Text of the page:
Results show that children have early sensitivity to a gender hierarchy.
As early as four years old, children associate power and masculinity, even in countries considered to be more egalitarian like Norway. This is what scientists at the Institut des Sciences Cognitives Marc Jeannerod (CNRS/Université Claude Bernard Lyon 1) report, in collaboration with the Universities of Oslo (Norway), Lausanne and Neuchâtel (Switzerland), in a study published on 7 January 2020 in Sex Roles. They also show that in some situations the power-masculinity association does not manifest in girls.
We know little about how representations of power interact with gender in early childhood. Researchers at the Institut des Sciences Cognitives Marc Jeannerod (CNRS/Université Claude Bernard Lyon 1), in collaboration with the Universities of Oslo (Norway), Lausanne and Neuchâtel (Switzerland) wanted to know whether children aged three to six years old in France, Lebanon, and Norway attribute more power to masculine figures than feminine figures.
In a first experiment, they showed the children a picture with two non-gendered individuals. One of them adopted a dominant physical posture and the other a subordinate posture (See figure). First, the children had to guess which of these two individuals was exerting power over the other. Next, they had to assign a gender to each individual (Who is the girl? Who is the boy?). The results reveal that from four years old, a large majority of children consider the dominant individual to be a boy. The power-masculinity association was observed in both boys and girls, and just as much in Lebanon as in France and Norway. However, it was not significant in 3-year old children.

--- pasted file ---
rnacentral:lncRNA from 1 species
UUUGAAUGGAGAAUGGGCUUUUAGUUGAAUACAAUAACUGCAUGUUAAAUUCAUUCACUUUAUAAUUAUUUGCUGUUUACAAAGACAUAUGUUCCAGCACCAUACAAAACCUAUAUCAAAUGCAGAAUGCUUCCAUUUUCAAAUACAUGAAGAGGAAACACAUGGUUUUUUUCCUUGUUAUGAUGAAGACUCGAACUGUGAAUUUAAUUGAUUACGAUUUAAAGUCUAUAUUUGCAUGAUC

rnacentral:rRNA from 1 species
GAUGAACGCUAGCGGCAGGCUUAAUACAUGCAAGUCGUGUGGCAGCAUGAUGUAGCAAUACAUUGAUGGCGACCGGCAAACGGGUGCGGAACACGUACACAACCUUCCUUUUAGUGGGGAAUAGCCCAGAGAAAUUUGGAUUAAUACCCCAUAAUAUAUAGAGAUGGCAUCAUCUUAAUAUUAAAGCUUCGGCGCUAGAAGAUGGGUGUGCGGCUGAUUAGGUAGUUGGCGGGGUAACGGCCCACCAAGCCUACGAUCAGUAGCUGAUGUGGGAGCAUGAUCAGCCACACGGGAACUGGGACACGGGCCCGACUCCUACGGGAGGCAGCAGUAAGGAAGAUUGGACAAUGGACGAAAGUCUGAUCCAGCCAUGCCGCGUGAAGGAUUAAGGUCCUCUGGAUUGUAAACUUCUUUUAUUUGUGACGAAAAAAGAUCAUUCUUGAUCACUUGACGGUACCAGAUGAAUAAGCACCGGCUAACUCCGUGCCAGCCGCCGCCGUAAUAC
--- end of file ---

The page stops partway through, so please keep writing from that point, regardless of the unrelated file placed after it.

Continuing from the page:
In a second experiment, this time in children aged four and five years old all in school in France, had to imagine themselves in the picture and imagine the other person as a boy or a girl. When the children had to consider their power relation with a person of the same gender as themselves, the girls and boys both largely identified with the dominant character. But when they had to consider their power relation with a person of the opposite gender, boys identified more often with the dominant character whereas girls did not significantly identify more with one or other of the characters.
Finally, in a third experiment, children aged four and five years old in Lebanon and France watched a series of exchanges between two puppets, one representing a girl and the other a boy, behind a board1. In one case, the puppets were getting ready to play a game together and the child heard one impose their choices on the other. In the other case, one puppet had more money than the other to buy ice cream. In France and Lebanon, most of the boys thought that the puppet that imposed their choices or that had more money was the male puppet. However, the girls in both countries did not attribute the dominant position preferably to one or other gender.
These results show that children have early sensitivity to a gender hierarchy, though in some situations girls do not associate power and masculinity. The scientists now hope to find out what power forms they attribute to feminine figures and whether they legitimize the expression of gendered power.
More information: Rawan Charafeddine et al. How Preschoolers Associate Power with Gender in Male-Female Interactions: A Cross-Cultural Investigation, Sex Roles (2020). DOI: 10.1007/s11199-019-01116-x
Image: © Julien Wolga (CC BY-NC-SA)
more recommended stories
Excess screen time impacting teen mental health
Research from The University of Queensland,.
Adolescents’ well-being and learning during COVID-19 linked to psychological needs
Multi-country analysis highlights importance of experiencing.
Nature draws out a happy place for children
New study explores children's perception of.
A gender gap in negotiation emerges between boys and girls as early as age eight
Understood to persist between men and.
Fellow students improve grades
Peers personalities can influence your own.
A window into adolescence
Researchers study biological roots for adolescent.
How students learn from their mistakes
Researchers at University of Southern.
Schooling is critical for cognitive health throughout life
Quality schooling matters cognitively for later.
To improve students’ mental health, teach them to breathe
Resiliency training programs could be a.
Jobs for the boys: How children give voice to gender-stereotyped job roles
Children, and especially boys, show stronger.